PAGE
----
Healthy pigs are commonly given low doses of antibiotics to prevent infections and promote growth. That can accelerate the development of drug-resistant bacteria. A second Consumer Reports test of 240 pork samples found that about 20 percent had traces of the drug ractopamine. That's used in pigs to promote growth and make meat lean.

A major pork producer, Smithfield, says ractopamine is "a safe and effective Food and Drug Administration-approved feed supplement that has been widely used in the hog farming industry for many years." The levels Consumer Reports found were well below the limits set by the FDA. But Consumers Union, the advocacy arm of Consumer Reports, believes that ractopamine should be banned because there isn't enough evidence that it's safe for humans.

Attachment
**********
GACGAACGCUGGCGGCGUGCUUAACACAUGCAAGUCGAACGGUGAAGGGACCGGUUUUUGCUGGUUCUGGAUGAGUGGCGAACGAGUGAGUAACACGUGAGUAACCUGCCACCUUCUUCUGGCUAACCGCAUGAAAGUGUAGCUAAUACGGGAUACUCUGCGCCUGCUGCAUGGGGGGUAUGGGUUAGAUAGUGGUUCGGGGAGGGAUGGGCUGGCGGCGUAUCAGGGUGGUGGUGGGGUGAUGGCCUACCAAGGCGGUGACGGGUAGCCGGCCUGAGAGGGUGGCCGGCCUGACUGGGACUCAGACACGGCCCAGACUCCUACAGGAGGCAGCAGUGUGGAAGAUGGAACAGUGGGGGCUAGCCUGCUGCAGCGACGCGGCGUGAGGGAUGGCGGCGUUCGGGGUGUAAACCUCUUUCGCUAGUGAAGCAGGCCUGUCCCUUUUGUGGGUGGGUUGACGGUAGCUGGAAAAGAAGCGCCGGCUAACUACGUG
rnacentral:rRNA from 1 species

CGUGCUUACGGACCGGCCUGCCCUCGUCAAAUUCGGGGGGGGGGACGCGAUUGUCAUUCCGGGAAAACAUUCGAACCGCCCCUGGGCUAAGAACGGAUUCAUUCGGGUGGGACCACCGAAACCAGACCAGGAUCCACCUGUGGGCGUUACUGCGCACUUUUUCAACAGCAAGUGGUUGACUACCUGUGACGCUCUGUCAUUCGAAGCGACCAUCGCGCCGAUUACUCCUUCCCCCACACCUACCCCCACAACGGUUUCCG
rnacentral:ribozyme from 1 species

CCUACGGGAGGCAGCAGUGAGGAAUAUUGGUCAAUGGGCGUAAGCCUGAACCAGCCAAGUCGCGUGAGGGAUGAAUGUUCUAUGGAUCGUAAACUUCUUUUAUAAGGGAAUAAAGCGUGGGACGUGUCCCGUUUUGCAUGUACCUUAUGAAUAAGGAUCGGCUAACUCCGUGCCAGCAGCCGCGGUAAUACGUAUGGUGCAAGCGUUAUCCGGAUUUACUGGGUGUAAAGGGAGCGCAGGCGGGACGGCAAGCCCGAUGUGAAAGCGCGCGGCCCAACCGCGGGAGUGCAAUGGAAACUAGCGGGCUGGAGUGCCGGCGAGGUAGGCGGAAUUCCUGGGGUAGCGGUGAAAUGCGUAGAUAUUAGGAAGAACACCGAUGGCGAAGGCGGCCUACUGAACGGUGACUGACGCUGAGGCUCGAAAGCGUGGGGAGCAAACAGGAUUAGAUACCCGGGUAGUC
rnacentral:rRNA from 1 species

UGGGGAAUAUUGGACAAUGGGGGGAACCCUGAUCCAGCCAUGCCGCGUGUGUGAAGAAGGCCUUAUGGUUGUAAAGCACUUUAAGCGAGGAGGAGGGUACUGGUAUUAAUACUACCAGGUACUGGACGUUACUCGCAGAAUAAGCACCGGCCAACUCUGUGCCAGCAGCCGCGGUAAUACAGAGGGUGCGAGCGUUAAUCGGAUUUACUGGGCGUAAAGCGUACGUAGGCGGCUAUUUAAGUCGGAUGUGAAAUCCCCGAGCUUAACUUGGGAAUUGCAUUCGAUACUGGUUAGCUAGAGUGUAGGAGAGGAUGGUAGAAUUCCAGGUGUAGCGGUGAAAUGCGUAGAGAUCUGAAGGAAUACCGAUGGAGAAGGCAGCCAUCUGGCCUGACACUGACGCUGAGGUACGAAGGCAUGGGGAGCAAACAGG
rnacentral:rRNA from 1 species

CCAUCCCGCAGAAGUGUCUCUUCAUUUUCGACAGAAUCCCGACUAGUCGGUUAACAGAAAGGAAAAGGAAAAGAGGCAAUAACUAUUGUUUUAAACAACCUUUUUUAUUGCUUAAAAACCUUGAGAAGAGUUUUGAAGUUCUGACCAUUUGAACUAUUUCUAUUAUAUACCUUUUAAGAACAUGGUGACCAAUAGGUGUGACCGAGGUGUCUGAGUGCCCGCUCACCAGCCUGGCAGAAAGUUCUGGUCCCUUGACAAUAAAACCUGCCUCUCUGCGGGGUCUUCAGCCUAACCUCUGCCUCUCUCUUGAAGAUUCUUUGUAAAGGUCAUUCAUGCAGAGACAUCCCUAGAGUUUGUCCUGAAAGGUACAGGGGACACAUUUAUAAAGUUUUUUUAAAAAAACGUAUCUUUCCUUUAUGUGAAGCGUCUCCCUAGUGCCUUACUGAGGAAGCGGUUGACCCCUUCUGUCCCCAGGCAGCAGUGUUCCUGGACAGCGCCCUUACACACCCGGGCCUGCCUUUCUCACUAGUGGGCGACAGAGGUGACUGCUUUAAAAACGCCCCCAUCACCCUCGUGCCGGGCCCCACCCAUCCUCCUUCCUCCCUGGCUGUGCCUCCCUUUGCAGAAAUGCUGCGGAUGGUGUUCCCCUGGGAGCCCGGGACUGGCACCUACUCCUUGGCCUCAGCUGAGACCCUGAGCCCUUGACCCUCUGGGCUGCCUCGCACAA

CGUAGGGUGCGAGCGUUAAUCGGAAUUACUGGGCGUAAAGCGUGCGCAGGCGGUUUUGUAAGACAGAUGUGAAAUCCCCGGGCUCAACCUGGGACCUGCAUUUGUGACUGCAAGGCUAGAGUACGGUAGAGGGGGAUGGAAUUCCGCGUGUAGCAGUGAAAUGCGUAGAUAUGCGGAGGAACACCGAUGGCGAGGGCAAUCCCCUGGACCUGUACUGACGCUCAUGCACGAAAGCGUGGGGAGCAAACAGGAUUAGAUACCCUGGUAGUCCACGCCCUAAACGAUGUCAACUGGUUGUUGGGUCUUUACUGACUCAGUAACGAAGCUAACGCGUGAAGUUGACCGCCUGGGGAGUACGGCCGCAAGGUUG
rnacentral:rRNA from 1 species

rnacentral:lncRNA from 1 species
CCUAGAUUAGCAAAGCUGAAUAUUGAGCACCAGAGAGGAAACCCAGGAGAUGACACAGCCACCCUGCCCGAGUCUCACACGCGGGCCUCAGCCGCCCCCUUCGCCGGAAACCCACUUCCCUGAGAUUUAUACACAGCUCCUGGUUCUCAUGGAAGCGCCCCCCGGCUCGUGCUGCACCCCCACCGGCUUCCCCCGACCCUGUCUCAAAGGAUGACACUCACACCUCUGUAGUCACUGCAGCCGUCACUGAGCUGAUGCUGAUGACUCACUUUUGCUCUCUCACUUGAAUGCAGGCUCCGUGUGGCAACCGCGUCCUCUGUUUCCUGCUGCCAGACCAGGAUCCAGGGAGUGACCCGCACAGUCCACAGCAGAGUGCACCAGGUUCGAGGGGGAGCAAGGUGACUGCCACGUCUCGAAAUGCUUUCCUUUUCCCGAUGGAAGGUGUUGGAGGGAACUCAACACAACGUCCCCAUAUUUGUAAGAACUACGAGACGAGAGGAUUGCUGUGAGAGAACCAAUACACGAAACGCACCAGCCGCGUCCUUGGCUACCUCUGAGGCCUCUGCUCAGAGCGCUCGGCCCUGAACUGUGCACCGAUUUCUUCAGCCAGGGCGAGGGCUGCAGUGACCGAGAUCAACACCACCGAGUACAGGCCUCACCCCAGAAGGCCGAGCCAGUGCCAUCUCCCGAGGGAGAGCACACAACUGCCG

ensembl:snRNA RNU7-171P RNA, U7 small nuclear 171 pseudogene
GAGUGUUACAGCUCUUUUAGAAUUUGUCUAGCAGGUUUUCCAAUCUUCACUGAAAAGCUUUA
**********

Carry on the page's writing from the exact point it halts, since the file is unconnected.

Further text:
Consumer Reports recommends buying meat raised without antibiotics and ractopamine. It's also important to cook pork thoroughly to kill any possible bacteria. Whole pork such as chops and tenderloin should be cooked to 145° F. Ground pork needs to reach 160° F.

As for finding pork that has not been given antibiotics or ractopamine, Consumer Reports says look for meat labeled "certified organic." Another option is to buy from Whole Foods, which requires producers not to use antibiotics or ractopamine.

National Pork Producers Council Response To Consumer Reports Story: